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--------------- Print Magazine --------------
  May 2016
  April 2016
SC justice apprehensive about telecast of judicial proceedings

There is no reason to deny the right of the people to see Supreme Court justices in their black robes on television as the President of the United States delivers his yearly State of the Union speech, opined Justice Breyer of the US Supreme Court in an interview with Associated Press. However, the judge had his reservation about telecasting  judicial proceedings.

He said that he was fine with the idea of the television viewers being able to see the entire government gathered under one roof, but judicial proceedings were a different matter in this regard.

In principle, Justice Breyer very much agrees that there is no harm in allowing the people to see judicial proceedings of the Supreme Court on television because it would make the viewers privy to the fact "that the court is very serious about dealing with very difficult problems". Having said that, he also voiced his fear that the telecast might degenerate into a mere relay of "sound bites," which could be seen out of context, and may ultimately mislead the viewers. And that is primarily the reason why he said he was "taking a hesitant attitude".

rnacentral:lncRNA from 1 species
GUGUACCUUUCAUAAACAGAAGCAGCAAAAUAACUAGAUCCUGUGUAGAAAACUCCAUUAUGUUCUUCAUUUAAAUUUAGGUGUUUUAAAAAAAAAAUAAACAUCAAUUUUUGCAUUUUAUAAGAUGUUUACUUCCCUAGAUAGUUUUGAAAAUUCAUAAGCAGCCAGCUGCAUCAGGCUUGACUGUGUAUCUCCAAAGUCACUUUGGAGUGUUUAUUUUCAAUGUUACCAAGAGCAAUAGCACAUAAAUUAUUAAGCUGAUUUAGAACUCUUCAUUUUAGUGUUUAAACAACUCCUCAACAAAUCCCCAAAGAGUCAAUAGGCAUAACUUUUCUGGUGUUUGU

Justice Breyer's apprehensions are perfectly understandable in view of the fact that judicial proceedings at the Supreme Court level involve complex questions of law, which could leave the viewers confused about the approach of the Apex Court towards certain issues.

He also warned against having criminal trials telecast, for, in his opinion, it could lead to a situation where witnesses are scared of appearing before the court to testify.

"The public has to generally accept the existence of an institution that to do its job must sometimes make decisions that are very unpopular," Justice Breyer said adding, "In addition, since we are dealing with fallible human beings and not angels, sometimes those decisions will be wrong."

UK Supreme Court supports pre-nuptial agreements